The European Commission launched yet another consultation on copyright last month, and this one could result in a ‘Google tax’ for news. Europe needs to avoid that, writes Diana Cocoru.
Diana Cocoru is head of policy and research at OpenForum Europe, a not-for-profit organisation that advocates for open software. A version of this op-ed was published originally on the OpenForum Europe blog.
According to the Commission, the new public consultation on copyright is about treating publishers the same as record labels and giving them a full blown ancillary copyright covering not just snippets but also every other copyright use. The expanded “publisher ancillary right” is more worrying than previous attempts – not less.
The Commission opened yet another public consultation on copyright late last month. This new consultation on a so-called ancillary right for news publishers—sometimes referred to as a ‘Google tax’–and freedom of panorama surprised many. Shortly after the consultation opened, major news publisher associations launched their own campaigns.
Why pick up again on a universally condemned idea? Over the last two years, attempts at ancillary copyright in Germany and Spain have faced mounting opposition: decision-makers, businesses, associations, academics, users and the wider community have already expressed their concerns and provided evidence of how those two examples have failed. Asking the same people to send near-identical responses again, only a few months after another consultation on copyright reform, could well discourage many of them from engaging in this second consultation. That could lead to an unbalanced outcome.
The Commission is trying to rebrand the “link tax” or “ancillary right” as a “neighbouring right”. Should that reassure us? This move to supposedly treat publishers the same as record labels and give them a full blown ancillary copyright is intended to distance the debate from the strong opposition so clearly voiced against previous attempts.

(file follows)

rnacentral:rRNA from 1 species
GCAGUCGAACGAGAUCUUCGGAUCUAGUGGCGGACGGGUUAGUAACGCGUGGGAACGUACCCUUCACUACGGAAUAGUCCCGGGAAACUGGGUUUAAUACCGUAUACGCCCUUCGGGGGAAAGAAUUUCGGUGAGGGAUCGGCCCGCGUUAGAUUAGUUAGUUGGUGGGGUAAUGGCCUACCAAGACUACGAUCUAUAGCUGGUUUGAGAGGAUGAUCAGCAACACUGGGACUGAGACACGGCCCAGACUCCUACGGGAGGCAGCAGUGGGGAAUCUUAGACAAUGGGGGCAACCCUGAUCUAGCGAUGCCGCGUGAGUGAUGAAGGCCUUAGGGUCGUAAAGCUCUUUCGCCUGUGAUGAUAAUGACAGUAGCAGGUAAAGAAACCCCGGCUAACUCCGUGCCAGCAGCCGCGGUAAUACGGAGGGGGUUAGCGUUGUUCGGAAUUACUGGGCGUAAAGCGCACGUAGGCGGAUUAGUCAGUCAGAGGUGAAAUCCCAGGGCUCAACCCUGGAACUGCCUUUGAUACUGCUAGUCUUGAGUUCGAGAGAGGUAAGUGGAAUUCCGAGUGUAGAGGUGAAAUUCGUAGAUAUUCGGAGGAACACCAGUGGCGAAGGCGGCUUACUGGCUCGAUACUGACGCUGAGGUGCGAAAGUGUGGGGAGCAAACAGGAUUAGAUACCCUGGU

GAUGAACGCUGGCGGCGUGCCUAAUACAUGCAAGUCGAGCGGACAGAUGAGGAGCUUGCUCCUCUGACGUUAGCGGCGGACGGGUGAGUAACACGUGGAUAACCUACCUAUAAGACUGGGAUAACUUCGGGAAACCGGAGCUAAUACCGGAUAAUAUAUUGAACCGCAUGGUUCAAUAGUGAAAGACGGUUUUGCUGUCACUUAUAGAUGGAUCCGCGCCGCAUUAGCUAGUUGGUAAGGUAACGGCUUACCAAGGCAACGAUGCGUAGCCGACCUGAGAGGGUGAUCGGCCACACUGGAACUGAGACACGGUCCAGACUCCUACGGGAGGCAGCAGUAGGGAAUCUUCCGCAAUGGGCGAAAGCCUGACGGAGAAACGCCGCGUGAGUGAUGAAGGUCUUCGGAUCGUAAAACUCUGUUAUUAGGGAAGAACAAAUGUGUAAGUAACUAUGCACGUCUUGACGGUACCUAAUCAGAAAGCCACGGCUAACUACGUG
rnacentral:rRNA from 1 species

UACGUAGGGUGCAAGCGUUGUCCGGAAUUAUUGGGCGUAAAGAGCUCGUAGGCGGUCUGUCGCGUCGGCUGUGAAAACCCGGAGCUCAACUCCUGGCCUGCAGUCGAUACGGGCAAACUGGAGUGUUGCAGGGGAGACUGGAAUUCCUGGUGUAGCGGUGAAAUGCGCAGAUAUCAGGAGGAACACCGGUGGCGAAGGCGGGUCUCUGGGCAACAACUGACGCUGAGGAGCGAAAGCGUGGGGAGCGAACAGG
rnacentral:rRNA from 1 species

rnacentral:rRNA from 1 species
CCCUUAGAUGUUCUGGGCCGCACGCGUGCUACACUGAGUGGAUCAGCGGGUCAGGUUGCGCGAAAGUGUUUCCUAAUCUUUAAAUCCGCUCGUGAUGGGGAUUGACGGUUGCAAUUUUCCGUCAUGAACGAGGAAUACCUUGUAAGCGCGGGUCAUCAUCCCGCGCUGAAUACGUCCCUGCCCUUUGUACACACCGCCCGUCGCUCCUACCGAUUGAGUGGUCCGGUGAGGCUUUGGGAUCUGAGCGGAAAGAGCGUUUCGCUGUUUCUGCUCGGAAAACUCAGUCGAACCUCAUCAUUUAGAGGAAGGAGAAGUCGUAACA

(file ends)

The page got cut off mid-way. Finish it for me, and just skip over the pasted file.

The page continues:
The expanded “publisher ancillary right” is more worrying than previous attempts – not less. Changing the terminology could lead some readers to conclude that there is no longer a risk of ‘breaking the Internet’. However, the consultation effectively raises the perspective of an “ancillary copyright writ large”. This makes it not only as dangerous to the Internet as the Spanish and German examples, but even a broader attack to the Internet and how we use it every day.
Adding a full blown neighbouring right for news publishers makes it worse, not better. It means adding an extra layer of rights requiring additional copyright clearances. It impacts the level of private copy levies, and how such levies are allocated between journalists and publishers. It creates fresh obstacles to text and data mining – in addition to the other obstacles which already keep most of Europe lagging behind other countries.
Neighbouring rights are pre-Internet copyright tools. Expanding them to publishers ignores the reality of the Internet. For such a proposal to be even workable, it will be vital to apply a consistent and unambiguous definition of the term “publisher” and to eliminate the possibility of someone wrongly identifying themselves as a publisher. In today’s world, millions of pieces of text are published every day on the Internet. What does it mean to be a “publisher” in that context?
It’s not clear, from the unusual way in which this latest public consultation was launched, as well as from the framing of some of its questions, whether the Commission is necessarily taking full account of the voices of Internet users, news publishers, consumers, libraries, start-ups, online services and IT companies from all over Europe.